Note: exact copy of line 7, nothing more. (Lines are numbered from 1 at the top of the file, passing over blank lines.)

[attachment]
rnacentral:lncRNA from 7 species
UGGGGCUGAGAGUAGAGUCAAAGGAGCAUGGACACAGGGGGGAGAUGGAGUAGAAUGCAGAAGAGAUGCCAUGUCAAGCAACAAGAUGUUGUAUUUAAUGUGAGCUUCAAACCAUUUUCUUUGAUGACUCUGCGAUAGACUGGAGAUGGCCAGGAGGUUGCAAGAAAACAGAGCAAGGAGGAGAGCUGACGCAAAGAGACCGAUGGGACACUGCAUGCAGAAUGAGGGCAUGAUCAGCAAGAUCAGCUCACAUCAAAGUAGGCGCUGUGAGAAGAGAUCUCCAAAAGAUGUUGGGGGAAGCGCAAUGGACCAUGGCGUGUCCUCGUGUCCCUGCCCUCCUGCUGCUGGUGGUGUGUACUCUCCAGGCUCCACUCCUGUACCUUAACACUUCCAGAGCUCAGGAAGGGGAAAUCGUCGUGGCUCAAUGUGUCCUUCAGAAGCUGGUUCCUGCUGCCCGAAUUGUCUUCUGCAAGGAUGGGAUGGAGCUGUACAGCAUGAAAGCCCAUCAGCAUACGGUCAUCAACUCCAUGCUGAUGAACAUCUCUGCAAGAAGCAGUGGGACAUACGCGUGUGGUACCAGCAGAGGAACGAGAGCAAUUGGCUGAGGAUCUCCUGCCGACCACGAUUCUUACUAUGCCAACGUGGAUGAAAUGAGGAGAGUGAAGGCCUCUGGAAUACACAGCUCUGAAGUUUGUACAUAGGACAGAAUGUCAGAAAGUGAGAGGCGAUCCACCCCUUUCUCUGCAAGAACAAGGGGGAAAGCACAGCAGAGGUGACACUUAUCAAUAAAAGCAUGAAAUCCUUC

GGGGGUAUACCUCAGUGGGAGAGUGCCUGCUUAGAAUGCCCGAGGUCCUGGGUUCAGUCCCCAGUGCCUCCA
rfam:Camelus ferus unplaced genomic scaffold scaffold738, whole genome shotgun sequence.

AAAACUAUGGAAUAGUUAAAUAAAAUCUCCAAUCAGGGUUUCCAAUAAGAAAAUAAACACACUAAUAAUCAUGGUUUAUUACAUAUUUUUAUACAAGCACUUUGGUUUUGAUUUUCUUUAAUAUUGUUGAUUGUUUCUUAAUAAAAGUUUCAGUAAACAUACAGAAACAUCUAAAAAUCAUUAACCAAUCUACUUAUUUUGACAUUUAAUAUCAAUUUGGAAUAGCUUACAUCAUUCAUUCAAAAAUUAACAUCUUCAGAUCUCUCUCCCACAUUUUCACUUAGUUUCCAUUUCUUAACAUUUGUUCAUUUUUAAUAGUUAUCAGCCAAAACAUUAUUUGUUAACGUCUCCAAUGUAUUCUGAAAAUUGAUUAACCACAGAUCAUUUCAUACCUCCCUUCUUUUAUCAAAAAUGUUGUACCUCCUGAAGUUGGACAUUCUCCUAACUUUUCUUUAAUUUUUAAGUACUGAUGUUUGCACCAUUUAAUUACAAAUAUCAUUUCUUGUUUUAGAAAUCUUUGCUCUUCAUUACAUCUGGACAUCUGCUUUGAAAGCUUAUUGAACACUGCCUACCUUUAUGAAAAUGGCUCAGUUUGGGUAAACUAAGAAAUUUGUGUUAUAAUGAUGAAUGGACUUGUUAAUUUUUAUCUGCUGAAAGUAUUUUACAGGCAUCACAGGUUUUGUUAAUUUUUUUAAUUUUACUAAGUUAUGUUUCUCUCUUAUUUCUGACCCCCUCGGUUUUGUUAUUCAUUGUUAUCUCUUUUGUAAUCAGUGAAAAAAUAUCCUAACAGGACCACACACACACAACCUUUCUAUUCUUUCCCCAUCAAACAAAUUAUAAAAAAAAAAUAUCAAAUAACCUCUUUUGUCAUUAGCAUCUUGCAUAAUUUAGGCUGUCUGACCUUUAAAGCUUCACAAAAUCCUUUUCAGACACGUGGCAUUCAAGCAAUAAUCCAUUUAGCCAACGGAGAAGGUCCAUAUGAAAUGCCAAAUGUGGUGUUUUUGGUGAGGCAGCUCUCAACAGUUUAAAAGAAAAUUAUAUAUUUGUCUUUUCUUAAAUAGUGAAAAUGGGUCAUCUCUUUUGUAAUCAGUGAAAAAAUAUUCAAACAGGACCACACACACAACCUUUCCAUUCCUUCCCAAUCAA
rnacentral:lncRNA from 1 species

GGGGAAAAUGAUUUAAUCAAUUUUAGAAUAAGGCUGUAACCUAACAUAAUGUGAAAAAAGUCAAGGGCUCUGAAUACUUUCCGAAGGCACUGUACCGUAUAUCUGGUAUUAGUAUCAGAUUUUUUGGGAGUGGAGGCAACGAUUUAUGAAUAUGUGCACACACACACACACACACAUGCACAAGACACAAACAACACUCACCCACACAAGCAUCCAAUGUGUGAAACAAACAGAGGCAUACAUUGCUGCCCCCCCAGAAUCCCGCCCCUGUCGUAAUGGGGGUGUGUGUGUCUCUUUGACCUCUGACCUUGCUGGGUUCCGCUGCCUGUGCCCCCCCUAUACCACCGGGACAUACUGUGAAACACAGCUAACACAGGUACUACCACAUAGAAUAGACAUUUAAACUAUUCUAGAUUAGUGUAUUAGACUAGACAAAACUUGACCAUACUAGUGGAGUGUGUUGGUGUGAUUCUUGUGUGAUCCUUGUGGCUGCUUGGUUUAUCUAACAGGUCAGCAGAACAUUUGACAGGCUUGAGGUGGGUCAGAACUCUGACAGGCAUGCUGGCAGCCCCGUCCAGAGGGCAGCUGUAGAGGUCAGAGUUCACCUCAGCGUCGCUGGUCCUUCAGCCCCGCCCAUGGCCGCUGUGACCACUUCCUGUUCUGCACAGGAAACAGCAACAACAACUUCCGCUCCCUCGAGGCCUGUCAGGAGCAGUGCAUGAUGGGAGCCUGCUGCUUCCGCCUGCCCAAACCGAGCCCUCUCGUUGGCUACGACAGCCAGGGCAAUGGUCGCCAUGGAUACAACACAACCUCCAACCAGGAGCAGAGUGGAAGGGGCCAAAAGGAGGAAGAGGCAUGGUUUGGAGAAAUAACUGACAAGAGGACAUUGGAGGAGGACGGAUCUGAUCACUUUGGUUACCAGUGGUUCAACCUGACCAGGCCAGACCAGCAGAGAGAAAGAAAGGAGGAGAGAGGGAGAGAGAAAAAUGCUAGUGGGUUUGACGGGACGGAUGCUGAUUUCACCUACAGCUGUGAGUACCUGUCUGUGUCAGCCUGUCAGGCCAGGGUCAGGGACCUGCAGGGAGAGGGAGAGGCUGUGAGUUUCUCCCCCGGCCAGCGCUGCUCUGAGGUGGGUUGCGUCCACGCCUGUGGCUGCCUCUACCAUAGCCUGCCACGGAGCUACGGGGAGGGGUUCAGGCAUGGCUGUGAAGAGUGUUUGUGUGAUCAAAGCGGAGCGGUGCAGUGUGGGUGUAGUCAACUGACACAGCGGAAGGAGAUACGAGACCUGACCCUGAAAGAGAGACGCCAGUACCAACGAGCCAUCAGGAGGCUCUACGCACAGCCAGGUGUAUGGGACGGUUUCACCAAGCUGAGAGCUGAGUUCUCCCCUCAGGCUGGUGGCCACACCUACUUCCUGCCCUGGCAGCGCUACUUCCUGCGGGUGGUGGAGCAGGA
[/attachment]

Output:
GGGGAAAAUGAUUUAAUCAAUUUUAGAAUAAGGCUGUAACCUAACAUAAUGUGAAAAAAGUCAAGGGCUCUGAAUACUUUCCGAAGGCACUGUACCGUAUAUCUGGUAUUAGUAUCAGAUUUUUUGGGAGUGGAGGCAACGAUUUAUGAAUAUGUGCACACACACACACACACACAUGCACAAGACACAAACAACACUCACCCACACAAGCAUCCAAUGUGUGAAACAAACAGAGGCAUACAUUGCUGCCCCCCCAGAAUCCCGCCCCUGUCGUAAUGGGGGUGUGUGUGUCUCUUUGACCUCUGACCUUGCUGGGUUCCGCUGCCUGUGCCCCCCCUAUACCACCGGGACAUACUGUGAAACACAGCUAACACAGGUACUACCACAUAGAAUAGACAUUUAAACUAUUCUAGAUUAGUGUAUUAGACUAGACAAAACUUGACCAUACUAGUGGAGUGUGUUGGUGUGAUUCUUGUGUGAUCCUUGUGGCUGCUUGGUUUAUCUAACAGGUCAGCAGAACAUUUGACAGGCUUGAGGUGGGUCAGAACUCUGACAGGCAUGCUGGCAGCCCCGUCCAGAGGGCAGCUGUAGAGGUCAGAGUUCACCUCAGCGUCGCUGGUCCUUCAGCCCCGCCCAUGGCCGCUGUGACCACUUCCUGUUCUGCACAGGAAACAGCAACAACAACUUCCGCUCCCUCGAGGCCUGUCAGGAGCAGUGCAUGAUGGGAGCCUGCUGCUUCCGCCUGCCCAAACCGAGCCCUCUCGUUGGCUACGACAGCCAGGGCAAUGGUCGCCAUGGAUACAACACAACCUCCAACCAGGAGCAGAGUGGAAGGGGCCAAAAGGAGGAAGAGGCAUGGUUUGGAGAAAUAACUGACAAGAGGACAUUGGAGGAGGACGGAUCUGAUCACUUUGGUUACCAGUGGUUCAACCUGACCAGGCCAGACCAGCAGAGAGAAAGAAAGGAGGAGAGAGGGAGAGAGAAAAAUGCUAGUGGGUUUGACGGGACGGAUGCUGAUUUCACCUACAGCUGUGAGUACCUGUCUGUGUCAGCCUGUCAGGCCAGGGUCAGGGACCUGCAGGGAGAGGGAGAGGCUGUGAGUUUCUCCCCCGGCCAGCGCUGCUCUGAGGUGGGUUGCGUCCACGCCUGUGGCUGCCUCUACCAUAGCCUGCCACGGAGCUACGGGGAGGGGUUCAGGCAUGGCUGUGAAGAGUGUUUGUGUGAUCAAAGCGGAGCGGUGCAGUGUGGGUGUAGUCAACUGACACAGCGGAAGGAGAUACGAGACCUGACCCUGAAAGAGAGACGCCAGUACCAACGAGCCAUCAGGAGGCUCUACGCACAGCCAGGUGUAUGGGACGGUUUCACCAAGCUGAGAGCUGAGUUCUCCCCUCAGGCUGGUGGCCACACCUACUUCCUGCCCUGGCAGCGCUACUUCCUGCGGGUGGUGGAGCAGGA